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Reducing the Influence of Social Media on your Daily Life

“Social media has been described as more addictive than cigarettes and alcohol, and is now so entrenched in the lives of young people that it is no longer possible to ignore it when talking about young people’s mental health issues.”

– Shirley Cramer, chief executive of RSPH

“Fun” fact – the average person has five social media accounts and spends 1 hour and 40 minutes a day browsing these networks… 100 minutes of your day that you could be spending on enjoying much more fulfilling social interaction in real life.

As a final year student at Durham University, I have recently returned to Durham from my year abroad.  It was the most enriching experience I’ve ever had, but there came a point after six months working in Germany and five in France where all I wanted to do was go home, curl up on the sofa with my mum and do nothing.  At such low points social media can be very dangerous for your mental health – you watch other people post constantly about their “amazing” lives and end up comparing yourself to them.  Such insecurity applies to a growing number of people with regards to body image too.

Take a look at the graph below.  According to research by the Royal Society for Public Health (RSPH), YouTube is the only widespread social network ranked as having an overall positive influence on the lives of young people.  Instagram and Snapchat came out as the worst for mental wellbeing.  Interestingly, these two are the most image-focused of them all.  Shirley Cramer (see introductory quote), has confirmed that such social networks “may be driving feelings of inadequacy and anxiety in young people”.

There is no doubt that social media is perpetuating feelings of insecurity and loneliness in our ever more self-centered, hyper-capitalist lives.  Here is my guide (from personal experience) to reducing the detrimental effects of social networks on your daily routine and, more importantly, your happiness.

1.  Turn off your wi-fi and do something else.

Staring at a screen is not only bad for your eyesight, but it can also delay the onset of sleep.  A couple of hours before bed, try to put down your phone and pick up a book, do some drawing, listen to music, …  Such activities are much more relaxing and enriching than scrolling aimlessly down your Facebook feed and stalking “friends” who you haven’t made the effort to see for several years…

2.  Keep your phone data turned off unless you actually need it.

When wandering the streets alone, it is all too tempting to get out your phone and scroll, double tap, or type…  This is highly irritating if you are not attentive to passers-by.  More importantly, it prevents you from observing the beauty of the world around you.  If you keep your phone in your bag, you will learn to appreciate a pretty sunset, a cute little squirrel or even a good-looking human(!).  Then maybe you’ll only need your phone to take a picture of said sight (although snapping a stranger would be rather creepy).

3.  Log out of apps or even delete them.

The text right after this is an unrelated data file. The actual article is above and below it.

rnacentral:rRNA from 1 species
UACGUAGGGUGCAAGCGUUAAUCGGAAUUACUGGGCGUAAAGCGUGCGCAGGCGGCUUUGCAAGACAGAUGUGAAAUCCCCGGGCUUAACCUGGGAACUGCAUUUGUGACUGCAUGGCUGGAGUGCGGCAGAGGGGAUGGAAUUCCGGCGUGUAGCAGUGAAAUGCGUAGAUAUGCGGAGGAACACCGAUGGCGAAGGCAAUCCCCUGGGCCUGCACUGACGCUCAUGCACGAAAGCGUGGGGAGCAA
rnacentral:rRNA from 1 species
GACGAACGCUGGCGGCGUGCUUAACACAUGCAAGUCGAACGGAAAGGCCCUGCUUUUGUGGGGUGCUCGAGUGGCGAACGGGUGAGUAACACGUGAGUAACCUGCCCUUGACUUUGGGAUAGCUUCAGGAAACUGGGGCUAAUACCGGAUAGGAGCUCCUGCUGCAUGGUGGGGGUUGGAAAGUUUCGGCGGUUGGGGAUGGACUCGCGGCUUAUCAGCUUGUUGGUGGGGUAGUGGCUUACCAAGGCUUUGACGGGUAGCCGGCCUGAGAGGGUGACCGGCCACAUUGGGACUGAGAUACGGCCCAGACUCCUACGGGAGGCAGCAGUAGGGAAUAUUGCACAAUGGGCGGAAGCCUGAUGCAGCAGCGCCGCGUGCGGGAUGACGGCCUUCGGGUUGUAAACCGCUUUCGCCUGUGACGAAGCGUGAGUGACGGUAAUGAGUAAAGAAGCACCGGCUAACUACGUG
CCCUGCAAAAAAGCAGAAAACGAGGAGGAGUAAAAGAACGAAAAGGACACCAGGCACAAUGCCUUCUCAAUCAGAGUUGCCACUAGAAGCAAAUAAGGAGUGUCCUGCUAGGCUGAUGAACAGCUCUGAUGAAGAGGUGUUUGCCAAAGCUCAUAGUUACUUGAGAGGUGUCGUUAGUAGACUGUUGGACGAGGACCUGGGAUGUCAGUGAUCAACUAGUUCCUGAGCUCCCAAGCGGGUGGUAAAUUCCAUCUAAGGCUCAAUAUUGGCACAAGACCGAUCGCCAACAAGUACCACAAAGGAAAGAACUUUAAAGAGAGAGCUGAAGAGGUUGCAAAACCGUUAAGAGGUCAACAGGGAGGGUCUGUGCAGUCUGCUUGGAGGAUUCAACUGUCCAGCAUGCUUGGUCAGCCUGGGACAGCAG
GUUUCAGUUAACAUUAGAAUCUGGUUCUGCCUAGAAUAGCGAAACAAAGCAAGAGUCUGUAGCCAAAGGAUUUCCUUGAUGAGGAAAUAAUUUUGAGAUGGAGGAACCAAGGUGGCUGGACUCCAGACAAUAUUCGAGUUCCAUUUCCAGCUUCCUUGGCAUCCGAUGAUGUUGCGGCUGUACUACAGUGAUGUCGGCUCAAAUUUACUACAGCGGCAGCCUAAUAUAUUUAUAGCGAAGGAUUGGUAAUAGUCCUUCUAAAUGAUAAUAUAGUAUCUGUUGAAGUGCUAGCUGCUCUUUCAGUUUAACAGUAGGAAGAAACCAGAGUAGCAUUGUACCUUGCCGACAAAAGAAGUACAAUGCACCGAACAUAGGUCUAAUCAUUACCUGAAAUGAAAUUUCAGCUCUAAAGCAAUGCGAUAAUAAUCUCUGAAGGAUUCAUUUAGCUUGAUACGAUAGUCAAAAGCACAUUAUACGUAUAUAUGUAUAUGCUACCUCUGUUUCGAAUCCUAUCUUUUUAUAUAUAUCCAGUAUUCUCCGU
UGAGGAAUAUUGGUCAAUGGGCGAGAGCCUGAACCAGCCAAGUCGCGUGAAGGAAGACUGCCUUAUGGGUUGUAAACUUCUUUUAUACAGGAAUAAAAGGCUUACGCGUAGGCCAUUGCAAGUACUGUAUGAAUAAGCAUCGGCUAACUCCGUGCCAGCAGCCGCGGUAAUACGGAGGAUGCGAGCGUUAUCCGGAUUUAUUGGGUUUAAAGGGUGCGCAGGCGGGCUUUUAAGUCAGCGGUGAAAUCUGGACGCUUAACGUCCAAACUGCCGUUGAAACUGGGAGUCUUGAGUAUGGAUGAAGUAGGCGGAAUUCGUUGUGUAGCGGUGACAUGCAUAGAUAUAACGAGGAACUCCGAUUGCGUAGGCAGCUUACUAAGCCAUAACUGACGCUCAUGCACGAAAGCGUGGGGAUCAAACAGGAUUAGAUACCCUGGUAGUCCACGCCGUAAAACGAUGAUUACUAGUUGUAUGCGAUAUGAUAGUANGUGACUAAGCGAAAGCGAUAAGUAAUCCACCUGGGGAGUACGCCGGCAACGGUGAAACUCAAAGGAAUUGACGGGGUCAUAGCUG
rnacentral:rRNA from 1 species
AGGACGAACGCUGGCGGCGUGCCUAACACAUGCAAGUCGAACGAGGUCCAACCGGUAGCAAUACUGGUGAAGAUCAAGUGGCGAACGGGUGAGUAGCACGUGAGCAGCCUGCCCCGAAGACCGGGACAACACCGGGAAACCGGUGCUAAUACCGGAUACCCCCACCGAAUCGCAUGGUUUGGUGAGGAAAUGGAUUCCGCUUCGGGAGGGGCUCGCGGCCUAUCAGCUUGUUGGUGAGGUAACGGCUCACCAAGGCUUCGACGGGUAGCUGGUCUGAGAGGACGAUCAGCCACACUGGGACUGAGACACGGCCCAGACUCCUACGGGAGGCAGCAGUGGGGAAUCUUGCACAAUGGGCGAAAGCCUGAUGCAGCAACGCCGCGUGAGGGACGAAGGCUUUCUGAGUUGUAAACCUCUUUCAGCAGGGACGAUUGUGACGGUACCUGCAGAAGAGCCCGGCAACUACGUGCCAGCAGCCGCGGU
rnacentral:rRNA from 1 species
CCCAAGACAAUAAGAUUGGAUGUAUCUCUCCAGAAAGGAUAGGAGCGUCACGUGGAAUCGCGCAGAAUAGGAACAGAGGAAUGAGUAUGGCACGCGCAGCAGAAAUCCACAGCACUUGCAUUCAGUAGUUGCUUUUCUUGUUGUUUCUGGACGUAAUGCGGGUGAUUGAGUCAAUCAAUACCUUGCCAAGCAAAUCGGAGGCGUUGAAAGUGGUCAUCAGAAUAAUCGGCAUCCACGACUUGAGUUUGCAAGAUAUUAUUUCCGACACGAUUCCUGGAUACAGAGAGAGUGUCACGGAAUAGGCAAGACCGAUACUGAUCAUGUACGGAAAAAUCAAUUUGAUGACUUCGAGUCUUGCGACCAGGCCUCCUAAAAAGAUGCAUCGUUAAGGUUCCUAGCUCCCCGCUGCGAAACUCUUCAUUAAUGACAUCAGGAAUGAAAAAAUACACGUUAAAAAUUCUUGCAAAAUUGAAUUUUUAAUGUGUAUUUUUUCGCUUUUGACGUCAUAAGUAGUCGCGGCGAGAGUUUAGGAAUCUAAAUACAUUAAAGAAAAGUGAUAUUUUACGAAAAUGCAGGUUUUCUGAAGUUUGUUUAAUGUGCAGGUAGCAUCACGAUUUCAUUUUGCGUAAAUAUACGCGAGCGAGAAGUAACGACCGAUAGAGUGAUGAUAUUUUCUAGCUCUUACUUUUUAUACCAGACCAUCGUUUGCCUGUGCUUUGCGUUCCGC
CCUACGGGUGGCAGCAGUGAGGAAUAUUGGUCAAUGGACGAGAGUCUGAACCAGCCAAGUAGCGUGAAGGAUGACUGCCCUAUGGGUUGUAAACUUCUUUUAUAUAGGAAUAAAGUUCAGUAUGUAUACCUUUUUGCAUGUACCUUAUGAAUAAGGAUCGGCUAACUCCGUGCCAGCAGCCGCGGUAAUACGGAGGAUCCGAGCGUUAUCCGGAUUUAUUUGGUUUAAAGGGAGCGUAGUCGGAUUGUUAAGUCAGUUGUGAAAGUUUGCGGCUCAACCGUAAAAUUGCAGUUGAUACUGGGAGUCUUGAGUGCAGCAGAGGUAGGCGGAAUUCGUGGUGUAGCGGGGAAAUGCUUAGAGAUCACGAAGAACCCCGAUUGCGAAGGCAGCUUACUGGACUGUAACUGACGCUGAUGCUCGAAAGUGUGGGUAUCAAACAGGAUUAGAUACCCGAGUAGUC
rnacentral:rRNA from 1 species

A few months ago I deleted both the Snapchat and Facebook apps from my phone.  There is no doubt that this has made the world of a difference.  If I want to establish contact with someone I will actually send them a message rather than simply liking a photo of theirs or replying to a Snapchat story.  I’ve found that doing this really reduces the (worrying) superficiality of modern-day relationships.  Writing a personal message and receiving a response is much more meaningful and allows you to work out who your true friends are: those who show a genuine interest in your life and maintain a conversation with you.

4.  That being said, we should all favour real life interaction over instant messaging.

For long-distance relations you could start as I did by replacing texts with phone and video calls.  When it comes to short-distance friendships, on the other hand, it is so worth dragging yourself out into the British rain to catch up over coffee.  Establishing and maintaining a bond with somebody goes far beyond exchanging lines of typed text – it includes gestures, facial expressions, physical contact, …  It is for this reason that I deleted Tinder as well as the two aforementioned apps.  Call me old fashioned, but spontaneous and real-life encounters are much more gratifying.

If you follow one, some, or even all of these steps I can guarantee that you will feel so much more satisfied with life However, don’t expect it to happen overnight – it takes time.  One day you’ll wake up and, rather than scrolling down feed after feed, your first thought will be to open the curtains, go downstairs and enjoy a hearty breakfast.

Reducing your social media usage encourages you to appreciate the little things in life and to undertake activities out of genuine interest and pleasure – without obsessing over what other people think of you and how many likes you’ll receive. 

Please heed these guidelines and spread the word.  Let’s not let Black Mirror’s dystopian yet scarily realistic predictions come true…



Graph http://www.huffingtonpost.co.uk/entry/instagram-dangerous-app-young-peoples-mental-health_uk_591b050ee4b07d5f6ba61e23

Photo 1 http://www.politeasflannels.com/blog/2016/10/23/slide-to-power-off

Photo 2 https://dailytimes.com.pk/31714/friendship/

Northern lass studying French and German (minor in Spanish) at Durham University, recently returned from a year abroad
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